I dream that I am flying over Rio Centro and it is a mandala palace turning in space below me. I wander its halls and pavillions until I come into the Plenary Hall and there at their desks sit demon monkeys of all different colors and languages gesturing and waving scepters above their heads, a scene at once solemn and ridiculous. Outside the hall a jungle plant with waxy leaves is growing in leaps and bounds, until it shades, embraces, and finally overwhelms the concrete palace.
Friday, June 5 Senator
Al Gore opens the "Forum for Spiritual and Parliamentary Change." He speaks more passionately than when I last saw him, but can he articulate a green platform? Miles beyond the others, but is he wily enough to take on the demon monkeys?
The Dalai Lama's morning prayer vigil with the children of the city and his visit to Greenpeace's ship, Rainbow Warrior, are broadcast all over Brazil. Yet, due to pressure from the Chinese government he has not been invited to participate at UNCED. Li Peng, China's leader, has refused to attend the conference while the Dalai Lama is still in town. He cannot mention Tibet during his visit, despite the fact that its environment is being devastated by the Chinese. Were he able to stay longer he might lend inspiration to a fragmented environmental community.
He boldly defines militarization and overpopulation as the two most important causes of destruction of life on earth. Although birth control is a difficult subject for a Buddhist, he says unless we are practical and address the issues of population we are doomed.
The Dalai Lama's thinking on the environment has changed since the early eighties when, like many Third World people impressed by the potential of technological solutions to world suffering, he supported nuclear power. For the sake of all living beings and generations to come, he calls for a halt to the degradation of the planet. He offers Tibet as the world's first "zone of ahimsa" where violence to all sentient beings is forbidden.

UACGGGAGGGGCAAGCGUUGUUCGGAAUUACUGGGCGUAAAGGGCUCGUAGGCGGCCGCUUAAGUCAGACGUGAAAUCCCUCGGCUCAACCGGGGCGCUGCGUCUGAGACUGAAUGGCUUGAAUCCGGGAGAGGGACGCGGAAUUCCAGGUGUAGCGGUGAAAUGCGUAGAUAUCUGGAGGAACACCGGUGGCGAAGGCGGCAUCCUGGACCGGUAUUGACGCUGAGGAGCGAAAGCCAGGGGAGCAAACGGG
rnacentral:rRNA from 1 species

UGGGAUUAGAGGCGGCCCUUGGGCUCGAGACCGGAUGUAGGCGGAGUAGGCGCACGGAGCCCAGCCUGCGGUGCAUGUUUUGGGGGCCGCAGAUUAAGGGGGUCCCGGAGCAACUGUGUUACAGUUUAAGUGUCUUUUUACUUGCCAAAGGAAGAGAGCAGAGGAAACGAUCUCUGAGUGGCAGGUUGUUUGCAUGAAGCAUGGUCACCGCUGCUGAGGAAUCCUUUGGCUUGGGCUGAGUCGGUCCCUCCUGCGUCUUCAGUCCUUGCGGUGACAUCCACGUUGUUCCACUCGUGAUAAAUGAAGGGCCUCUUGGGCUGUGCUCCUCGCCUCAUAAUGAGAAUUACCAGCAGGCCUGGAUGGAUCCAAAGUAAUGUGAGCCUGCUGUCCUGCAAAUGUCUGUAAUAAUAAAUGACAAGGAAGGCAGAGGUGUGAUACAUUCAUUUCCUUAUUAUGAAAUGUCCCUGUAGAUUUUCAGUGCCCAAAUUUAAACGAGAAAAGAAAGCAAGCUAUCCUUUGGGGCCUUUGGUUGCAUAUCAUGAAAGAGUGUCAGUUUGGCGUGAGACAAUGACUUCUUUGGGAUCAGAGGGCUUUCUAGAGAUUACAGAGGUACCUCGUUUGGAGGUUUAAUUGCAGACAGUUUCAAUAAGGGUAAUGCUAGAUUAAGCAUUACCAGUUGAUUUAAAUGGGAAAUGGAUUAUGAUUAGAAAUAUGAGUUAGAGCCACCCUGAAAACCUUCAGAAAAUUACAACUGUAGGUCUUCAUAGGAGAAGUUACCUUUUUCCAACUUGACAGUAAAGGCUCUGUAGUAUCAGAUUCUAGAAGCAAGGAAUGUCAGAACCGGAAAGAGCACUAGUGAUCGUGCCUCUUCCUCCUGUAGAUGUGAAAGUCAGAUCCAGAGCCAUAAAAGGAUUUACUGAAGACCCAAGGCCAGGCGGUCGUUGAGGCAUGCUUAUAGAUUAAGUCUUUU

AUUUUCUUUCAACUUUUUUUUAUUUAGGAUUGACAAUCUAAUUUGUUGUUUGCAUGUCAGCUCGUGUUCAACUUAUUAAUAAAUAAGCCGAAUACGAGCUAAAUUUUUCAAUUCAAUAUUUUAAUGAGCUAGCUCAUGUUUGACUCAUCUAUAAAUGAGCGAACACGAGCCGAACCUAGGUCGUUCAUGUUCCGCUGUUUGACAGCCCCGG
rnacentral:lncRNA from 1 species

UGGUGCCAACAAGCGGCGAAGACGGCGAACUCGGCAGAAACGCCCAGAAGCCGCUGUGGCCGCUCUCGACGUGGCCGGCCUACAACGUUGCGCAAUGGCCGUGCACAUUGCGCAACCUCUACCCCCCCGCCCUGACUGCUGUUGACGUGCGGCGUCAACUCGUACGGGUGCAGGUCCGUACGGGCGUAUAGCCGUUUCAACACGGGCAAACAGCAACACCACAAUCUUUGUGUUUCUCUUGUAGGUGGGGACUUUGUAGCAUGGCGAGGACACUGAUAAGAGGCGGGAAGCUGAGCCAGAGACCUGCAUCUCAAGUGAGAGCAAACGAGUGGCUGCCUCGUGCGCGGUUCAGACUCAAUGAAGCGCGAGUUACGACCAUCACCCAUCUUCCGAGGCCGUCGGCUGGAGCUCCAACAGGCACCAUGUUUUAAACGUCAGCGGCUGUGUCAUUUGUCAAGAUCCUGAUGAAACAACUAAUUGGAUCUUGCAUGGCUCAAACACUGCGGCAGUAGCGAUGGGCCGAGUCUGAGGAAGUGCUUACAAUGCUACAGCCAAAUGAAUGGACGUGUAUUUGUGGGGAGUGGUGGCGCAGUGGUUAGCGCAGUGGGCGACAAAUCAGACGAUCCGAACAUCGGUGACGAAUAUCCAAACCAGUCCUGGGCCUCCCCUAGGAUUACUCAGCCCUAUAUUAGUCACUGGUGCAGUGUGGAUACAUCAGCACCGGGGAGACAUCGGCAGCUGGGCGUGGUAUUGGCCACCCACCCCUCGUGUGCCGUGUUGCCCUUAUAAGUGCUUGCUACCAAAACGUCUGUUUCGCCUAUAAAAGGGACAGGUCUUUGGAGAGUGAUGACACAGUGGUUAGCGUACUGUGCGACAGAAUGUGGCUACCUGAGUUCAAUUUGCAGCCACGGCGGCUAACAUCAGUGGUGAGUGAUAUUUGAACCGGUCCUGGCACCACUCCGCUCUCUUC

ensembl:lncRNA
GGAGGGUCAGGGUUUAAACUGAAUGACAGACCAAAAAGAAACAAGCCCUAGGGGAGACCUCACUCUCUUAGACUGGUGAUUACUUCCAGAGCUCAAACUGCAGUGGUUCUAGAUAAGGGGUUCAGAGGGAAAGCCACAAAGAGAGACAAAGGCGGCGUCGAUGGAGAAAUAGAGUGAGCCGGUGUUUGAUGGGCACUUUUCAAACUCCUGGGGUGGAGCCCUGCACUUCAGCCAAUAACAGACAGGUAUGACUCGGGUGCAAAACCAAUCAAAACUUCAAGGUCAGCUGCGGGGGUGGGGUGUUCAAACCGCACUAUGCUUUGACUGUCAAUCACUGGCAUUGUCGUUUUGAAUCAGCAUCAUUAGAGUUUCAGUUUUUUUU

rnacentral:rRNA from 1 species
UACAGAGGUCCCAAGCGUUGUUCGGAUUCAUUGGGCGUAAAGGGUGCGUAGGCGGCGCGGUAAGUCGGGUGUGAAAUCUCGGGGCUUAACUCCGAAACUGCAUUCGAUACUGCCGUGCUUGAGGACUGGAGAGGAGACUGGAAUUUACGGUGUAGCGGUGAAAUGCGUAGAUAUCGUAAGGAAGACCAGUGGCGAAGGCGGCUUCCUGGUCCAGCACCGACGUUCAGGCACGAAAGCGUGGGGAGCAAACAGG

Sunday, June 7
I wander out to the fire circle to relieve the AngloKenyan who has been drumming alone since dawn.
It will be the hottest day on record for Rio in June. We drum together and he tells me that he is like a wildebeest on permanent migration, then he leaves to take a nap.
Smoke from the fire and the hot sun chase me around the circle. The tree is full of pink flowers that bees and hummingbirds drink from. I'm experimenting with every rhythm I can conjure up, getting wilder as I tire. Suddenly I see a man in black T-shirt and jeans sitting on the bench outside the circle smoking a cigarette and watching me drum. He is one of the Indians from Manitoba on whose drum I am beating too hard. He comes over, tells me, "There's two ways to drum—like this ... " he takes another drum and beats it slow and even, "Or this." He beats it with the rhythm of a heart. Embarrassed, I pick up another drum with a tighter head and a painted buffalo, and aim for the buffalo's eye.
Monday, June 8
I walk around the Global Forum with a friend who illegally releases captive whales and dolphins. "It gets me through," he says.
All sides of the forest issue are represented here. We walk by the Canadian timber industry's booth which advertises clearcutting as a healthy forest management. At another booth a reward is offered for anyone caught spiking trees. The Global Forum is falling apart from lack of common vision and finances. Already the translation equipment has been removed, and the electricity will be cut off tomorrow. The prestigious environmental groups have largely abandoned this forum in favor of UNCED; I see the presidents in the hallways at Rio Centro looking like the corporate CEOs that they are—applauding their own presence at the Earth Summit.
On our way to the airport at dusk we pass a dismal church surrounded on all sides by highways. A small child has gone to sleep for the night on its stone steps. No one has told him that the future of the planet is being decided right now in his city. World leaders and do-gooders like myself will board their airplanes home without taking his leave. The treaties signed at the Earth Summit will not include his name.
Lavinia Currier lives in The Plains, Virginia. She is president of Sacharuna, an environmental foundation.